Oct 27, 2013; St. Louis, MO, USA; St. Louis Cardinals right fielder Carlos Beltran (3) hits a RBI single against the Boston Red Sox in the third inning during game four of the MLB baseball World Series at Busch Stadium. Mandatory Credit: H.Darr Beiser-USA TODAY Sports

No Homecoming for Carlos Beltran

Oct 26, 2013; St. Louis, MO, USA; St. Louis Cardinals right fielder Carlos Beltran (3) slides into home to score during the seventh inning of game three of the MLB baseball World Series against the Boston Red Sox at Busch Stadium. Mandatory Credit: Jeff Curry-USA TODAY Sports

It was great to think about. The idea that Carlos Beltran could come back to the Royals after all these years, playing out the last few years of his career while possibly leading the Royals back to the postseason seemed like the type of storybook ending that only occurs in Hollywood. And yet, there the Royals were, in the thick of the Beltran sweepstakes as Royals fans dreamt of a reunion.

However, those hopes were dashed last night. Despite seemingly being out of the Beltran Sweepstakes after signing Jacoby Ellsbury, the New York Yankees inked the right fielder to a 3 year/$45 Million contract as they continue to remake their team.

Why did the Yankees make this move? Perhaps it was desperation after Robinson Cano signed with the Mariners, and the Yankees knew they needed to make a splash. Perhaps they truly feel that a 37 year old outfielder on a three year deal is better than what they already have for outfield/designated hitter (if so, they are probably correct). Meanwhile, it does not appear to actually solve any of the Yankees issues, such as second base and their pitching staff.

What this signing may have done, aside from disappoint legions of Royals fans, is save the Royals from themselves. Beltran returning would have been a great marketing moment, and provide a lot of sentimentality among the fanbase, but would he really be worth the investment? The track record of players similar to Beltran after age 36 would indicate that it is not.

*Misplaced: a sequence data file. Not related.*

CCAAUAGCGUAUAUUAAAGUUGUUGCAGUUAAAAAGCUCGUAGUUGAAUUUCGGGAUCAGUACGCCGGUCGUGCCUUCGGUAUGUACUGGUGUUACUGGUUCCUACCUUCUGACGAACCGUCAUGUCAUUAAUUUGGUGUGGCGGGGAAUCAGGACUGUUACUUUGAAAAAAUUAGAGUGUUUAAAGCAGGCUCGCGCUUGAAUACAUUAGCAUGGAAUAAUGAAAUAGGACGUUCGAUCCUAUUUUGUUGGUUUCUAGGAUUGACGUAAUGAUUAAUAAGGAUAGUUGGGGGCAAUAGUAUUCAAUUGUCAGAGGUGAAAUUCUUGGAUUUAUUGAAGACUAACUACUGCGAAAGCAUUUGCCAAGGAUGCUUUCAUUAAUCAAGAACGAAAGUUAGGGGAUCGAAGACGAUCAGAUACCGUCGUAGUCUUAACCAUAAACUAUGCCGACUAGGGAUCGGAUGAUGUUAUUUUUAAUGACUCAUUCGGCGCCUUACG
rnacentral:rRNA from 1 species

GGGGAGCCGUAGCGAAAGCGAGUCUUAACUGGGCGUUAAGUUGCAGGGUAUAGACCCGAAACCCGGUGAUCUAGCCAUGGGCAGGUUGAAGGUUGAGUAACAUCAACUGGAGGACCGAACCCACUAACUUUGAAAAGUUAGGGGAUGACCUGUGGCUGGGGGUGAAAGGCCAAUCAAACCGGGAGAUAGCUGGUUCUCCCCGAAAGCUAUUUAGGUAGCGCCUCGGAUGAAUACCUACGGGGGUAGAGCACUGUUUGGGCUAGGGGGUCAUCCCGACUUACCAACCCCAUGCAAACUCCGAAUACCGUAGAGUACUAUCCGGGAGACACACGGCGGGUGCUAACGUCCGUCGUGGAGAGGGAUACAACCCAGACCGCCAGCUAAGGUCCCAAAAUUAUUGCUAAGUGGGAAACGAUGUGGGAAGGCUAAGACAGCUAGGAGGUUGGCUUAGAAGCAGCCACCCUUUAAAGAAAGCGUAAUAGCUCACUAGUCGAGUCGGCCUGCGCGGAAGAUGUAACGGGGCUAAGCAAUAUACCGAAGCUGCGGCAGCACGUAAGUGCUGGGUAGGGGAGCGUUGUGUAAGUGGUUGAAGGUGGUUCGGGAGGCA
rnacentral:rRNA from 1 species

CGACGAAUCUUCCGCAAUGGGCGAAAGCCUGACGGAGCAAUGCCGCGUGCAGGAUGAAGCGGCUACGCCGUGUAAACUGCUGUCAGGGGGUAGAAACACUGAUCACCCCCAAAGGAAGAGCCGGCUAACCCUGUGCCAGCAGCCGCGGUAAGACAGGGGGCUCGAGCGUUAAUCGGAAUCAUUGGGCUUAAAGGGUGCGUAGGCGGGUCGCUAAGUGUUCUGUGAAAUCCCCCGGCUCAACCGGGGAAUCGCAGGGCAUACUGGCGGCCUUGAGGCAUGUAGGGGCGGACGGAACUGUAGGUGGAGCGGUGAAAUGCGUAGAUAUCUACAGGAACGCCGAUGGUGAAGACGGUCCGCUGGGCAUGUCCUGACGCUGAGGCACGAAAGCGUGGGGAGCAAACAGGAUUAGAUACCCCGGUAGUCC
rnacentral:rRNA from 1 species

In the end, the Yankees may have done the Royals a favor by signing Carlos Beltran. The recently acquired Norichika Aoki had a better WAR than Beltran did last year at a fraction of the cost. While the Royals still need another impact bat in their lineup, they do not need a player that could end up as a financial albatross over the next three seasons. Although the impact bats seem to be disappearing quickly in the free agent market, there is still the potential to make trades. With some of the players that the Royals could have available, as well as the potential to actually add payroll, they could still get the pieces they need.

If this was Hollywood, then Beltran would have come back to the Royals, led the team to a World Series title and departed off into the sunset. However, real life does not mirror the movies – and Beltran is not a guarantee to put up solid numbers in the next three seasons. As much as it may sting to lose him to the Yankees, the Royals may be better off without Carlos Beltran.

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  • jimfetterolf

    This was a win all around; the Royals avoiding an overpriced DH whose power would slide at the K, the Yankees getting a player perfect for their stadium, and Beltran getting a chance to put up gaudy numbers in the heart of the media universe for his Hall of Fame push in eight years. Doesn’t hurt that NYC has a large Puerto Rican community and that Carlos’ wife loves NYC. He’ll probably also get plenty of endorsements that will more than offset the slight payroll loss from signing elsewhere.

    The Royals, like the Mariners, would have had to dramatically overpay for a player who, at Kauffman Stadium, was most likely to become Jose Guillen v2.0.